Advance voters turn out in record numbers, City of Winnipeg says
Advance voting now closed; election day is Oct. 26
More voters than ever in Winnipeg cast ballots ahead of the civic election day, the city says.
Nearly 42,000 eligible voters participated in advance voting for the municipal and school boards election — a record-setting number for a Winnipeg civic election, according to a Friday evening City of Winnipeg news release.
That's a five per cent increase from the 39,840 electors who voted at advance polls in 2018, when the previous record was set, the city says.
Advance voting locations were open from Oct. 3 until Friday, with locations in universities, malls, hospitals, seniors' residences and at city hall.
Those advance polls are now closed.
The city aims to streamline the voting process "and improve service for people casting a ballot" with every election, said Marc Lemoine, the City of Winnipeg's senior election official, in the release.
"We're seeing the results of that initiative based on the record number of voters" who took advantage of advance polls, he said.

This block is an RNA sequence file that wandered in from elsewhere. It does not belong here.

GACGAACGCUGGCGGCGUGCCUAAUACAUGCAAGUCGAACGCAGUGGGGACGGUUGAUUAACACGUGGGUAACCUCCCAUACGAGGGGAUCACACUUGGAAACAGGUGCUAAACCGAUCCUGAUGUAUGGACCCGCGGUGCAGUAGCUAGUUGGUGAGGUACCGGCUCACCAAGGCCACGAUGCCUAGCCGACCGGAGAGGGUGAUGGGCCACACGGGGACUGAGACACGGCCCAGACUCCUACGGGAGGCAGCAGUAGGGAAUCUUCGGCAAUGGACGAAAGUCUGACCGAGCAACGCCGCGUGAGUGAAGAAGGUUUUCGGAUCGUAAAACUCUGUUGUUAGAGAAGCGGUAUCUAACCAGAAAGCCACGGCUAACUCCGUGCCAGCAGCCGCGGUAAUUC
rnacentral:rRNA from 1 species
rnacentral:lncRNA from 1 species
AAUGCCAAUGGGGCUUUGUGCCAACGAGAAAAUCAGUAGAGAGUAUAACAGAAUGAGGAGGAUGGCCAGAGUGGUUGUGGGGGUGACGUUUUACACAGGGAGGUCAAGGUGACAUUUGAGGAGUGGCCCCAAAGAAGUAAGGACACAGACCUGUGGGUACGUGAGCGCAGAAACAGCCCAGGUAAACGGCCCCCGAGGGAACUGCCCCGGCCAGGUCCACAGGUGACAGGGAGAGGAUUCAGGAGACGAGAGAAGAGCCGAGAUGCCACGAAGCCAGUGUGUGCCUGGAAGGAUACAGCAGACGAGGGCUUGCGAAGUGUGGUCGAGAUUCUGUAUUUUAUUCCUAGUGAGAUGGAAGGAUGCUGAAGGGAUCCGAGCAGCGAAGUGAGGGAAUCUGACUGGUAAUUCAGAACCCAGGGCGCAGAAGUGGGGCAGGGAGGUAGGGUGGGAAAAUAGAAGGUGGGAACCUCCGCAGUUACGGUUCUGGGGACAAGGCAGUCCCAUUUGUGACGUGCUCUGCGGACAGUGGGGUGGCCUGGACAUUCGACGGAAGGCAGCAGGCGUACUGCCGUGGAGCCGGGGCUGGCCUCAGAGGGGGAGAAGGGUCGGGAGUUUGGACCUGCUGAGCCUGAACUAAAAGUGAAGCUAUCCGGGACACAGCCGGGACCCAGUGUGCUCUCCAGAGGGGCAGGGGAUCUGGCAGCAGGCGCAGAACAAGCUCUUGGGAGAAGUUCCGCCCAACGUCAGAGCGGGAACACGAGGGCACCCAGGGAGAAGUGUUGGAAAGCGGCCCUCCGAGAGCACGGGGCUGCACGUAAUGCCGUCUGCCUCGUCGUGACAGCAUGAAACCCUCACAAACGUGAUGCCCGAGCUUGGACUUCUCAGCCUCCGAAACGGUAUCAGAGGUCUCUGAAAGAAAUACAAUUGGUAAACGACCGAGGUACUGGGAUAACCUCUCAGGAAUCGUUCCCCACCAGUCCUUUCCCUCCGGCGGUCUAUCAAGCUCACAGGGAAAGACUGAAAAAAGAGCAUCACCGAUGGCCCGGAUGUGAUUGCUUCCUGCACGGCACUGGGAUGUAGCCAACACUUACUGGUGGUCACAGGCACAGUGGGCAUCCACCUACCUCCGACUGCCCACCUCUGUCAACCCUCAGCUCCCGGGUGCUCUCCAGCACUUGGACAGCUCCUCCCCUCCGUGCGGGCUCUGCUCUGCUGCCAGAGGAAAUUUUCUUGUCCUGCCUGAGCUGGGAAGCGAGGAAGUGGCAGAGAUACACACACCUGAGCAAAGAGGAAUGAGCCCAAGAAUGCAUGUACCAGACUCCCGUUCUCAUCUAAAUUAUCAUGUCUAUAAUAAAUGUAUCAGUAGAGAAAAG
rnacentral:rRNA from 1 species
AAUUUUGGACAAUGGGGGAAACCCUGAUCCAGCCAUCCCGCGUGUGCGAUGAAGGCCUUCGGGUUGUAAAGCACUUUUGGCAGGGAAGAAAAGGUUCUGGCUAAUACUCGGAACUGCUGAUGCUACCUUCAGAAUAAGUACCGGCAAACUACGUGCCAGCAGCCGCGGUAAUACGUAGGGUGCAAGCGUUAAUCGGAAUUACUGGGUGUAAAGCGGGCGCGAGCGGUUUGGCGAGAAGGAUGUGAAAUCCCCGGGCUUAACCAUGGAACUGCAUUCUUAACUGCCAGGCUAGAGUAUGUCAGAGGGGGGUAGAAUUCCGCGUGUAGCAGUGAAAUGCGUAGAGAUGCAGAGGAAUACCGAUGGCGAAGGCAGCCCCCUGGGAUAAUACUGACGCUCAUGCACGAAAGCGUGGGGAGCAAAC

Lemoine says the city is pleased with the positive feedback it has received so far, but he encouraged eligible voters who didn't vote in advance to do so next week.
Election day is Oct. 26, and polls will be open from 8 a.m. to 8 p.m. throughout the city.
Voter's notices with election day information, including voting locations, have been mailed to all registered voters.
Residents are encouraged to bring that notice with them when they go to vote.
Anyone who didn't get a notice can go to the city's website to find their voting location.
Voters are required to provide proof of their name and current home address when they head to the polls. That can be done using one piece of government-issued ID, such as a driver's licence, the city says.
If you don't have that, two authorized documents that together show your name and current home address will also be accepted. That can include a voter's notice, a Manitoba Health card or a utility bill, among other options, the city says.